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Bond proposal could pay for Traceway lights

By Randy Bell

Traceway Park, home to Clinton’s softball, baseball and soccer fields, could potentially get new lighting, if a proposed bond project comes to fruition.

Traceway Park, home to Clinton’s softball, baseball and soccer fields, could potentially get new lighting, if a proposed bond project comes to fruition.

For as long as the current Board of Aldermen has been in office, it has been looking for a way to pay for new lights at Clinton’s Traceway Park. A recent conversation between Mayor Phil Fisher and a financial adviser may have provided the answer.

“She came to the City and said, ‘Do you have any need for bonds?’” Fisher recalls, initially thinking that a couple of outstanding bond issues would preclude Clinton from acquiring any additional debt. “I said, ‘I really don’t think we can do anything.’ But she said, ‘Maybe you can.’”

The plan would involve using money, which would become available as the old bonds are paid off, to install new metal poles and LED lights on the playing fields at the park. The improvements were originally estimated several years ago to cost $5 million; but, because of inflation and rising costs, the project could now run close to $6 million. However, the City wouldn’t have to wait to move ahead with the project.

“We have some bonds in that approximate amount coming due,” says Fisher. “If we start the process now, we can go ahead and move forward with that and get it underway a lot earlier than just waiting two more years. Because of the length of time it takes to go from start to finish with the bonds, once we’re obligated, we can go ahead and start the project. So, we’ll have the project completed by the time we make the first payment [on the bonds].”

The mayor says financing the new lights this way means a tax increase won’t be necessary.

“Bond money is paid out of the general fund,” he points out. “We set aside a millage [to cover the bonds]. So, instead of adding to that millage [for the lighting project], the millage is staying the same. We’re just re-purposing the money. This, to me, makes the most sense, simply because we’re not asking for new money.”

City Clerk Jimmy Baldree says the bonds retiring in 2026 covered construction of the Public Works building, plus improvements to Brighton and Traceway parks and the City’s water system.

Fisher says if the Board approves the lighting project, it would still take some time for bond attorneys to get the financing arranged.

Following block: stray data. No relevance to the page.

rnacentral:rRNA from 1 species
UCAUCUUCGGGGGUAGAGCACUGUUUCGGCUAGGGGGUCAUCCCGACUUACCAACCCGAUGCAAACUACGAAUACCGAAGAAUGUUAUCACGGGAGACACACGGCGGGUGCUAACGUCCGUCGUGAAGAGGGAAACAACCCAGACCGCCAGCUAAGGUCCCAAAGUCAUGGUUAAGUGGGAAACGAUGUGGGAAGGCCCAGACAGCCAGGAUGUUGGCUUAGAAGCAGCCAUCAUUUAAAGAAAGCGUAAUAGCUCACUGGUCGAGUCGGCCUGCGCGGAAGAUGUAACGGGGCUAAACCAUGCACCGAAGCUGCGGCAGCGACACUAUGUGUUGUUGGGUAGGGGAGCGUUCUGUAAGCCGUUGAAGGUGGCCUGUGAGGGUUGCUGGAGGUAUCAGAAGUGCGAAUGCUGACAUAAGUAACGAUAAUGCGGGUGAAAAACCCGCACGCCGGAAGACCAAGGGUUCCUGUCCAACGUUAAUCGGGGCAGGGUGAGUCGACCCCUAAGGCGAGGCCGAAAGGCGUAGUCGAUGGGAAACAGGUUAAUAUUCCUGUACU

“But I would think that we could be in construction by late this year or early next year.”

“This could potentially be one of the biggest sports lighting projects in the state of Mississippi’s history,” says Parks and Recreation Director Courtney Nunn. “Ultimately, it’s going to provide safer fields, [and] we’ll have better light quality. It’ll be safer for the kids. They won’t have shadows as they’re going to catch a ball.”

Nunn also says there would be less light pollution affecting nearby neighborhoods, and also notes that LED lights are more energy-efficient.

She says the new lights should attract more events to Traceway.

“It’s going to bring back those tournaments that we used to have,” says Nunn. “They’re going to want to come to Traceway, and it’s going to take us to the next level.”

As a Clinton native and the father of young children, Ward 3 Alderman Robert Chapman is intimately familiar with the park.

“To say the [upgraded] lighting has been needed for a long, long time is quite the understatement,” Chapman says. “If we’re going to eventually do this anyway, why not do it now? Why not go ahead and give the six- and seven-year-olds a better lighted field and not wait till they’re thirteen. This is kind of a no-brainer.”

Ward 1 Alderwoman Karen Godfrey told her fellow Board members at a February 5 work session that the financing arrangement is the “only way” to get the project done.

“I don’t see how we could go wrong,” Godfrey said.

Nunn says the project could be expanded beyond Traceway to include new lights at the Brighton Park tennis courts and the basketball courts at Northside and Robinson parks.

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